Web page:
Mainstreaming biodiversity conservation in a critical watershed

The case of Chimanimani Mountains in Zimbabwe


There is no one in Chimanimani who would dispute that climate has been changing. In this eastern Zimbabwean District on the border with Mozambique, people have experienced several recurring droughts, cyclones and changing landscapes over the past twenty years. Forest fires repeatedly destroyed large sections of the commercial timber industry. 

TSURO Hangani Village Head and elders touring watershed sites that need rehabilitation © TSURO

The water flow in the rivers reached alarmingly low levels by the end of 2016 until a La Nina related rainy season replenished the water bodies. But of course not all degradation of land, destruction of habitat and loss of biodiversity has been due to climate change - inadequate management of the watershed areas and human destruction of ecologically sensitive areas also played a part.

“We noticed, as people of Chimanimani, that we need to combine our efforts,” says Roseline Mukonoweshuro of TSURO Trust. She is a Forester by profession and currently works for the TSURO Trust in Chimanimani as a programme officer. “So in 2015, we managed to mobilise many smallholder farmers from all over the District, and stakeholders to come together and design a joint response strategy to the multiple threats to bio-diversity and hazards to rural livelihoods.” Women, men, young people initiated Climate Change Action Groups in six critical watershed areas. Traditional leaders, Government departments, civil society organisations and the private sector all took part in an inclusive dialogue process over two years, in which participants identified climate change related problems, causes and opportunities for adaptation and mitigation.

Facilitated through BirdLife International, the TSURO initiative has also been supported by a CEPF small grant between July 2016 and August 2017. Chimanimani is a highly threatened Key Biodiversity Area within the Eastern Afromontane Hotspot and part of a Trans-Frontier Conservation Area between Zimbabwe and Mozambique.


11 August 2017

Council Chamber before its adoption in the 11 Aug full council meeting © TSURO

May be one of the most impressive results of the TSURO initiative has been the adoption of a Chimanimani District Climate Change Response & Watershed Management Policy by the Chimanimani Rural District Council. 

“We are strongly convinced that, if this policy is implemented correctly and consistently, the District will be able sustain its beautiful and vibrant natural resource base and diversity. This in turn is expected to lead to a community that is more resilient,” says Brian Muchinapo, a Council Officer who actively promoted the adoption of the Policy on 11 August 2017.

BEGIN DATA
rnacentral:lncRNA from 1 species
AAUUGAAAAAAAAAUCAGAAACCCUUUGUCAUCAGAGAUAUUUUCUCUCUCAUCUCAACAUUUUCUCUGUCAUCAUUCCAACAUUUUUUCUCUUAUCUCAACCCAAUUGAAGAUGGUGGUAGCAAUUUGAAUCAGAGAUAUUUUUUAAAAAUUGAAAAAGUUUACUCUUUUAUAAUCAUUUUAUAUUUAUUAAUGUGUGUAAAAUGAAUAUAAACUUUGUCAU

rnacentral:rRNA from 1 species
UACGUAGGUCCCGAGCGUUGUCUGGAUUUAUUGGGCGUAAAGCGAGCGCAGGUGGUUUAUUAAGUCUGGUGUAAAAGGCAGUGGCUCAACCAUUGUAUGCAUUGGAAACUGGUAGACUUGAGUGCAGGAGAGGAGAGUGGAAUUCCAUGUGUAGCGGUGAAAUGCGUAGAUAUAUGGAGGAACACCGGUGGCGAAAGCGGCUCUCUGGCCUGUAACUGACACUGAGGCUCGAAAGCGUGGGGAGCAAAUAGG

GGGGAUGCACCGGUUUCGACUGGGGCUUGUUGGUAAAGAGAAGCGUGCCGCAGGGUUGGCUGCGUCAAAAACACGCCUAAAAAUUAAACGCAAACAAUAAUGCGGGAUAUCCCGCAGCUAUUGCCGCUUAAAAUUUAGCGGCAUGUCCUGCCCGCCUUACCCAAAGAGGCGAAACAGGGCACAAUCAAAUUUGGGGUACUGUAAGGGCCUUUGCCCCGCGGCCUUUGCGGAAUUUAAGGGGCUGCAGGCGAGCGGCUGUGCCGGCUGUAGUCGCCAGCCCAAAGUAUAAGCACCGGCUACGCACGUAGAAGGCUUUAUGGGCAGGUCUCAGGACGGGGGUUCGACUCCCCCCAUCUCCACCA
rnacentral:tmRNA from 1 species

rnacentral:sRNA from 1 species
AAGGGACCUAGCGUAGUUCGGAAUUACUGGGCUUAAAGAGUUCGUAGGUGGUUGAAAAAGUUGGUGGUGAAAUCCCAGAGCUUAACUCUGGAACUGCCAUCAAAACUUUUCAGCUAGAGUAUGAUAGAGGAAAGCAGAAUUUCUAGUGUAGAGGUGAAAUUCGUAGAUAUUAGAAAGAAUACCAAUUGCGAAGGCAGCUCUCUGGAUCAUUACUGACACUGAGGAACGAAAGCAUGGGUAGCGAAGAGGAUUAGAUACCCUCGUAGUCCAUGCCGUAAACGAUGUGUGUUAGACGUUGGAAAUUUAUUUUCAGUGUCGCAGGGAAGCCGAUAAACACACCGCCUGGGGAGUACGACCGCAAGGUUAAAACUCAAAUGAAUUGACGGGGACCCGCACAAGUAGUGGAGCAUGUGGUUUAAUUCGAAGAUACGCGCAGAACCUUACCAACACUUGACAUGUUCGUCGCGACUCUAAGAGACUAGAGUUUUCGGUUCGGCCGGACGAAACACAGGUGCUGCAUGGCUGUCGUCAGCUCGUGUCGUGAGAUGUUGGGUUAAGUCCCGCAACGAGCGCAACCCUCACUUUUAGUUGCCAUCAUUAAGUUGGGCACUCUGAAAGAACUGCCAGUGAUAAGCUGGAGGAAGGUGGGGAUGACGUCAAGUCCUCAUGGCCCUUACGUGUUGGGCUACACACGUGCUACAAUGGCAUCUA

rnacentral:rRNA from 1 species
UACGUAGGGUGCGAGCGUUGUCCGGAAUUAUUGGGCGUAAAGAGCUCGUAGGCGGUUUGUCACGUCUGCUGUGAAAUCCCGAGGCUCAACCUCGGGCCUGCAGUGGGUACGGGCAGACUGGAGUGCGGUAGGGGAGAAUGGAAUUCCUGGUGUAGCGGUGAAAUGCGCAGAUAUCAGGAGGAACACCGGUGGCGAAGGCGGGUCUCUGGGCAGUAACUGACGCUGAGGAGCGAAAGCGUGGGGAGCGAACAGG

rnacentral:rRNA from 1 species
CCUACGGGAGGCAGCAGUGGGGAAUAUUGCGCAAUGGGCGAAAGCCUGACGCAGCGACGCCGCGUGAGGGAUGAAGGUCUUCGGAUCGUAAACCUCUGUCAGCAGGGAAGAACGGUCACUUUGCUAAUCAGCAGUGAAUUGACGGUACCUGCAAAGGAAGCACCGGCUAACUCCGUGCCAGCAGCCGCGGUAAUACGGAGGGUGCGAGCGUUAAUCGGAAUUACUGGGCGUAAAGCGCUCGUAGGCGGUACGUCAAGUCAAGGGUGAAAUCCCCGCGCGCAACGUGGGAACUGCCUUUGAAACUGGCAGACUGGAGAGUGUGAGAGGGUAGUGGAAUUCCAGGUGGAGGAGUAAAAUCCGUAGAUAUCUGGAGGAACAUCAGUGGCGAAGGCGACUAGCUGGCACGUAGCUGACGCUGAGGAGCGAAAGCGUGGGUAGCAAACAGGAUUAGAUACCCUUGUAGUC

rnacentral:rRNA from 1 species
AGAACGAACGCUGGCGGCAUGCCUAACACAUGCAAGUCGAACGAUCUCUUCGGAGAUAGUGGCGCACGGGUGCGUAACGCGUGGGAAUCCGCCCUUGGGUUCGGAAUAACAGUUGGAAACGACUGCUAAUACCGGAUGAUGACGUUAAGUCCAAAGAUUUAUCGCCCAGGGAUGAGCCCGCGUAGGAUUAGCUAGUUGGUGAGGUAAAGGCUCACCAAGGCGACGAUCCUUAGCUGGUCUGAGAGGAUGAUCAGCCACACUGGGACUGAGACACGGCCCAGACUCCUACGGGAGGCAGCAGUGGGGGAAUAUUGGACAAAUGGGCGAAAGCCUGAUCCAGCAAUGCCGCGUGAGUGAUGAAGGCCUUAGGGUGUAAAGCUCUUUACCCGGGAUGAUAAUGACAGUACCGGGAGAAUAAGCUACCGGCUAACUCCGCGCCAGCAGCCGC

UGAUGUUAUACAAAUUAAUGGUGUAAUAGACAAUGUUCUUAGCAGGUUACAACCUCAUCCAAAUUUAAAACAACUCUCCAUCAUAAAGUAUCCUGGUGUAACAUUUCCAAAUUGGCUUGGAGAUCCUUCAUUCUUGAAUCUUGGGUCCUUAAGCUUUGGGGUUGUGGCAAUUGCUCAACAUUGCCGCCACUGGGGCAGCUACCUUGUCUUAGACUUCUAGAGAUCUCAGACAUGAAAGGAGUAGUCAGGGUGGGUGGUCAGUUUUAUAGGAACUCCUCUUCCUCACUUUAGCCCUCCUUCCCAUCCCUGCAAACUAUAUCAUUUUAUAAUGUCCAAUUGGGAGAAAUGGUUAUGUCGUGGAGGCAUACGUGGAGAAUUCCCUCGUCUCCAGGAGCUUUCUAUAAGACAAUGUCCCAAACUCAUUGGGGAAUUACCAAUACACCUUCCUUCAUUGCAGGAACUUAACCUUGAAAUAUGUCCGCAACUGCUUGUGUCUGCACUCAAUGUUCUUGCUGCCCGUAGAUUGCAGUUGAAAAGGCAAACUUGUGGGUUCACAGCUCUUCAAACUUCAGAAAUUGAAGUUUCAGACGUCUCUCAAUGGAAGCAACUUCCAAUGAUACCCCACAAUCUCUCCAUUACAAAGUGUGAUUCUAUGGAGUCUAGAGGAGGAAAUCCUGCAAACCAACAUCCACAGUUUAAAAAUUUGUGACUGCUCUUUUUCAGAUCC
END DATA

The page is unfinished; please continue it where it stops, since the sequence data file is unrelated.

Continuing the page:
Recognising the crucial role of appropriate climate change and watershed governance at all levels, a multi-stakeholder dialogue platform has been set up, which will monitor the implementation of a variety of well defined strategies across all sectors. Linking up with the Zimbabwe National Climate Change Response Strategy, this is a first such policy in Zimbabwe, developed in a bottom-up participatory process.  

“We now have a much stronger foundation on which we can build our actions”, says Chief Raymond Saurombe, “We will put this into practice, together! Although we are all diverse, we have a common aim of sustaining our District: the land, all its plants, animals and people.”


And yes, birds

TSURO Chikukwa Climate Change Action Group planting Macademia plants © TSURO

For the birders reading this story: the local people in the Chimanimani watershed have also learnt how to identify birds and other species, and how to introduce measures to conserve them. 

A total of 132 community members have been carrying out conservation works such as gully reclamation, spring and stream protection, tree planting, removal of invasive plant species in and around springs, and storm drain constructions. The Climate Change Action Groups identified 102 tree species, 14 medicinal plants, 26 grass species, 41 bird and 13 wild animal species, 4 aquatic life species and 3 reptile species in the six primary watershed areas.

The Chimanimani Mountains KBA still displays a high degree of biodiversity and a good number of endemic species. It is worth protecting this Key Biodiversity Area against the multiple threats it faces.


By Ulli Westermann and MWACHEZA Solomon, TSURO Trust; Maaike Manten (BirdLife / RIT)


Chimanimani District Climate Change Response & Watershed Management Policy details are as follows:

Resolution Number: C3331

Full Council Number: 165

Date of Adoption: 11 August 2017

You can download the Strategy here and the Policy here.


See the interactive map of all projects implemented under the CEPF Eastern Afromontane Hotspot programme here.

The Critical Ecosystem Partnership Fund (CEPF) is a joint initiative of l’Agence Française de Développement, Conservation International, the European Union, the Global Environment Facility (GEF), the Government of Japan, the MacArthur Foundation, and the World Bank. A fundamental goal is to ensure civil society is engaged in biodiversity conservation. More information on CEPF can be found at

BirdLife International, together with the International Union for the Conservation of Nature (IUCN) and the Ethiopian Wildlife and Natural History Society (BirdLife in Ethiopia) form the Regional Implementation Team (RIT) for the Critical Ecosystem Partnership Fund (CEPF) investment in the Eastern Afromontane Hotspot (2012-2017). The investment will support civil society in applying innovative approaches to conservation in under-capacitated and underfunded protected areas, Key Biodiversity Areas (KBAs) and priority corridors in the region.


Read more NEWS from the Eastern Afromontane Hotspot!